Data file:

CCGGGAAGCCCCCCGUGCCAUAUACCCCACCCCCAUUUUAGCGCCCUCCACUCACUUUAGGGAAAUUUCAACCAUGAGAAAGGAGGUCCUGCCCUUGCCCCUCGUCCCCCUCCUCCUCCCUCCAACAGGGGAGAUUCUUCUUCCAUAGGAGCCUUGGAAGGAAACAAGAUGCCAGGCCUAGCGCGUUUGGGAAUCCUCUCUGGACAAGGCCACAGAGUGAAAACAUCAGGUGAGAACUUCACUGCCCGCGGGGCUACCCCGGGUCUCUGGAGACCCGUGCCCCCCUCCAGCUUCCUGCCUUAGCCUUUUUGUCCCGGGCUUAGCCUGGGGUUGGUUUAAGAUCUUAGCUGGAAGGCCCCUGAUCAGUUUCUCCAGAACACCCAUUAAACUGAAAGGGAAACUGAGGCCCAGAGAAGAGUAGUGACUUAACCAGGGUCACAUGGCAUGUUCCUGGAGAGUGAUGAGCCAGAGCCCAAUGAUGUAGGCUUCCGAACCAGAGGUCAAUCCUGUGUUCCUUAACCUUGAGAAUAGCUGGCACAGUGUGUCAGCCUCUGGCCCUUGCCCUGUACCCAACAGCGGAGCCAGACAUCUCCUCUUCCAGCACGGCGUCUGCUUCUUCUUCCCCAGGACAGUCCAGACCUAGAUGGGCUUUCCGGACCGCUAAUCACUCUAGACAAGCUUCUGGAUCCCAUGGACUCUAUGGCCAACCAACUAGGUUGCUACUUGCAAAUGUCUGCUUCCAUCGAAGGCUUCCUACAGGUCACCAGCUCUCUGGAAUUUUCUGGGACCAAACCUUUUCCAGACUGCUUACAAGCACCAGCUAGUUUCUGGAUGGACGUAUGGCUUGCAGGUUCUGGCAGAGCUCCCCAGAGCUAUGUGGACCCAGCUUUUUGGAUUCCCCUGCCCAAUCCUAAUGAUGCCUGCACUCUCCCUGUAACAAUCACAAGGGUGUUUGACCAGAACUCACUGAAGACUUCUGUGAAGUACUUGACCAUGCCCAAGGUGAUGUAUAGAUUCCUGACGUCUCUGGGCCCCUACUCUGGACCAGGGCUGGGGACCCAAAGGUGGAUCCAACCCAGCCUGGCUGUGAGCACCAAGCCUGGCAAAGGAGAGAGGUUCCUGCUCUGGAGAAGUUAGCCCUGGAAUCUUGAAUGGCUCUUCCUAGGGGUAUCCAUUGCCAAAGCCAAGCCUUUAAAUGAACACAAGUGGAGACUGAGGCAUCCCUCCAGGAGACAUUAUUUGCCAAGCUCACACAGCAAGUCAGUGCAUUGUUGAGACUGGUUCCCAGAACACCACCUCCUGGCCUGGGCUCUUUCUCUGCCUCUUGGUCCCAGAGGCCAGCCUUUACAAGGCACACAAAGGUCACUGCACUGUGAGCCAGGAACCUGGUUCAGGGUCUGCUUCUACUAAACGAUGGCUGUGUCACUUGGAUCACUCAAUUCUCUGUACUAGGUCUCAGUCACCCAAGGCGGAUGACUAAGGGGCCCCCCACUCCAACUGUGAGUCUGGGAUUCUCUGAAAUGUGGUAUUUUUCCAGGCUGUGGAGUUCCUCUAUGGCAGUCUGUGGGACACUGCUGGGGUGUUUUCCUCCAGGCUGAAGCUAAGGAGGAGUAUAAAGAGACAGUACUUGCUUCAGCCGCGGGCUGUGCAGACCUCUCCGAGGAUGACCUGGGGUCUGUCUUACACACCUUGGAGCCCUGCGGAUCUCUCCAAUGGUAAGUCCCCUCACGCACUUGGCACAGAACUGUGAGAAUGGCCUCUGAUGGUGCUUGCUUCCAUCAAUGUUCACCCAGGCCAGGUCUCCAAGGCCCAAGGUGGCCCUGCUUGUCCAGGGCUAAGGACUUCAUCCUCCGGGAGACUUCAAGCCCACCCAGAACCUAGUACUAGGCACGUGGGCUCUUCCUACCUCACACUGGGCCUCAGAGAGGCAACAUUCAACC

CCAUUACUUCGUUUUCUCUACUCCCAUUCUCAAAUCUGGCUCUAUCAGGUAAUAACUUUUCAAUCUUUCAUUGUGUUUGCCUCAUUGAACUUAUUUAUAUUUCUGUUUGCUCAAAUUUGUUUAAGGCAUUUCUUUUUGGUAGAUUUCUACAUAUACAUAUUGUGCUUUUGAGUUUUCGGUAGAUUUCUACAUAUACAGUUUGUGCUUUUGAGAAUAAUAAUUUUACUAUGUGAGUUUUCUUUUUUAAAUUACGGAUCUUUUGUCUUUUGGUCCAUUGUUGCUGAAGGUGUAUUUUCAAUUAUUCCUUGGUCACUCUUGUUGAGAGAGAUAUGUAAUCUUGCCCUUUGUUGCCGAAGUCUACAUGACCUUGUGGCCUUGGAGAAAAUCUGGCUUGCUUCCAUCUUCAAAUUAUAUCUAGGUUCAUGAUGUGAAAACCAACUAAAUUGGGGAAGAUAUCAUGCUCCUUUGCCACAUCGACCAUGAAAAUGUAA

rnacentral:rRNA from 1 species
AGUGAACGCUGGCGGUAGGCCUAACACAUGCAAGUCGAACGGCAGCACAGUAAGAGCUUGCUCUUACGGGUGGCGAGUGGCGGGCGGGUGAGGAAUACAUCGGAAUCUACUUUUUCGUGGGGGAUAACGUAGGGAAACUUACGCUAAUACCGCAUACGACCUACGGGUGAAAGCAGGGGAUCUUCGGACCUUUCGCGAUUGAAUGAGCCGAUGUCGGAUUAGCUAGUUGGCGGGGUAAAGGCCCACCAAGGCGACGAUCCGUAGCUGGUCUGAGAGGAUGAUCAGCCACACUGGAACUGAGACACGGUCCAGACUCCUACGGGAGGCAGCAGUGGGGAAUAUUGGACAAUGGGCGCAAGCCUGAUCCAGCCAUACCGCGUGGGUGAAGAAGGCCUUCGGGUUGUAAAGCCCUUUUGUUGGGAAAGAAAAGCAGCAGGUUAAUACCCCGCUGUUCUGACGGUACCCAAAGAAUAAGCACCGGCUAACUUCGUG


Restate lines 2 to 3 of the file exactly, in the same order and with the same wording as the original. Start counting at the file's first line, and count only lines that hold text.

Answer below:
CCAUUACUUCGUUUUCUCUACUCCCAUUCUCAAAUCUGGCUCUAUCAGGUAAUAACUUUUCAAUCUUUCAUUGUGUUUGCCUCAUUGAACUUAUUUAUAUUUCUGUUUGCUCAAAUUUGUUUAAGGCAUUUCUUUUUGGUAGAUUUCUACAUAUACAUAUUGUGCUUUUGAGUUUUCGGUAGAUUUCUACAUAUACAGUUUGUGCUUUUGAGAAUAAUAAUUUUACUAUGUGAGUUUUCUUUUUUAAAUUACGGAUCUUUUGUCUUUUGGUCCAUUGUUGCUGAAGGUGUAUUUUCAAUUAUUCCUUGGUCACUCUUGUUGAGAGAGAUAUGUAAUCUUGCCCUUUGUUGCCGAAGUCUACAUGACCUUGUGGCCUUGGAGAAAAUCUGGCUUGCUUCCAUCUUCAAAUUAUAUCUAGGUUCAUGAUGUGAAAACCAACUAAAUUGGGGAAGAUAUCAUGCUCCUUUGCCACAUCGACCAUGAAAAUGUAA

rnacentral:rRNA from 1 species